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Why Do We Need a New Alcohol Code?

Director of the HSE Institute of Legal Regulation explains the need for a separate regulation of alcohol production and trade.

On September 22, 2017 Anna Dupan, Ph.D., spoke at the plenary session "Alcohol Market Regulation: On the Way to Growth” during a Forum "Alcohol Market: From Bans to Development" held by the TASS information agency jointly with the Union of Russian Brewers.

Among other things, Anna stated:

"A paradoxical situation has developed concerning the alcohol market regulation in Russia. On the one hand, the State is highly interested in collecting excise duties while at the same time in changing the alcohol consumption pattern. On the other hand, it conducts a systematic unification of requirements to all types of alcoholic beverages with a strong tendency of tightening these requirements. As a result, the regulation can hardly be called balanced: economically and socially unjustified demands, prohibitions and restrictions are placed on production and trade of beer and wine, which have never been heard of in the countries of the Eurasian Economic Union or any other country.

At the same time, the obvious difference in production technologies and trade patterns of different types of alcohol still required the introduction of many changes, restrictions and special rules within the framework of general law. As a consequence, the Law No. 171-FZ has become so complicated that it is extremely confusing to comprehend even for a lawyer.

Complex and confusing regulation and the impossibility of a clear delineation of the norms applicable to different types of alcohol harm both the State and the industry. There is a true saying that the fish is better caught in muddy water. And with such severely unbalanced regulation, illegal or semi-legal alcohol production and trade is easier to thrive.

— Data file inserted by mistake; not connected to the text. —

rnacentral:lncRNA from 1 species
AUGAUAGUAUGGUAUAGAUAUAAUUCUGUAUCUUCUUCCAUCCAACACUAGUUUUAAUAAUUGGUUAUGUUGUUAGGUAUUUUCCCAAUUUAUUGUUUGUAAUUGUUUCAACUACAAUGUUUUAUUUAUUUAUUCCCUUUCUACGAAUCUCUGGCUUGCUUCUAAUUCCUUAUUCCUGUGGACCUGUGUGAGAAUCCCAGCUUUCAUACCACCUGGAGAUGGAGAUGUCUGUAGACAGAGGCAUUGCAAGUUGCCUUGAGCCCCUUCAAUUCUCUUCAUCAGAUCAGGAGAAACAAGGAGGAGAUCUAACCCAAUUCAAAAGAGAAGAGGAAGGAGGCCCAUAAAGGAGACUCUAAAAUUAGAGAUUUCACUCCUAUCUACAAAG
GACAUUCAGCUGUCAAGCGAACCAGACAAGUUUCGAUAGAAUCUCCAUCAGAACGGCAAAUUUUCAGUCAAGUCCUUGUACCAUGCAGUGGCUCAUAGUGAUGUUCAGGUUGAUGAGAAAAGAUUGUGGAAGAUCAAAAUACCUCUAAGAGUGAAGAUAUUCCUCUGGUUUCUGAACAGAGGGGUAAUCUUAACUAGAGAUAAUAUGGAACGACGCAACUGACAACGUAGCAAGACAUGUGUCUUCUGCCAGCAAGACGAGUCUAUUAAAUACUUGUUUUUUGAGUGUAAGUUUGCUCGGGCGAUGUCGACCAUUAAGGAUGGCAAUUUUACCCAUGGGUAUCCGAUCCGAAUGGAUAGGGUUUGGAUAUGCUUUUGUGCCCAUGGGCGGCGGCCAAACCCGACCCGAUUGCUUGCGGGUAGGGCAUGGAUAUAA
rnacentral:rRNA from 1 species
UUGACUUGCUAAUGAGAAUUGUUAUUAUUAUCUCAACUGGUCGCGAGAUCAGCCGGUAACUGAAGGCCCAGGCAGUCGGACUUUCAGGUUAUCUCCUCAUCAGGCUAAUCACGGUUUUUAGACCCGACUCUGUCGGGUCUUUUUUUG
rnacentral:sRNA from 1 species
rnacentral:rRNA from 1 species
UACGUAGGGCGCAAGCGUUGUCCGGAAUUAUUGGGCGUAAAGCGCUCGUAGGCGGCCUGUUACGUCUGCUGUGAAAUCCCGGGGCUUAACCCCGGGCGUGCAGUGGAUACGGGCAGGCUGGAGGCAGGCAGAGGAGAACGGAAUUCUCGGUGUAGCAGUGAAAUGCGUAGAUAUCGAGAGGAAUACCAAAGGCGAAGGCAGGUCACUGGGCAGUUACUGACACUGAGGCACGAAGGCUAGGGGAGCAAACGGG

At the same time, it seems to me that the term ‘separate regulation’ is not entirely correct. If we develop five different laws on five types of products – spirits, alcohol-containing products, strong liquor, wine and beer – this will cause even greater confusion.

The industry, the State and the consumer need an Alcohol Code, that is, a law in which general and special parts will be singled out. Alcohol advertising norms are also advisable to be included in this single code and not stated in a separate law.

Such a change may seem technical: to break up the Law No. 171-FZ and the Law on Advertising in two parts: the general part with all the norms equally applicable to all and a special part with particular rules for each type of alcohol.

However, in practice, the new Code would remove ambiguities, duplications and excessive restrictions concerning the beer and wine industries, as well as make clearer the relationship of all alcohol producers with the government.

The Tax Code of the Russian Federation might serve as an example. The adoption of the general part of the Tax Code followed by the body of special clauses led to a significant streamlining of all tax relations: taxpayers clearly saw the general principles, the courts also saw them, and the limits of the tax authorities’ powers became clear.

In our opinion, the clearer and more transparent the regulation, the better it serves industry and a consumer, and, hence, the State".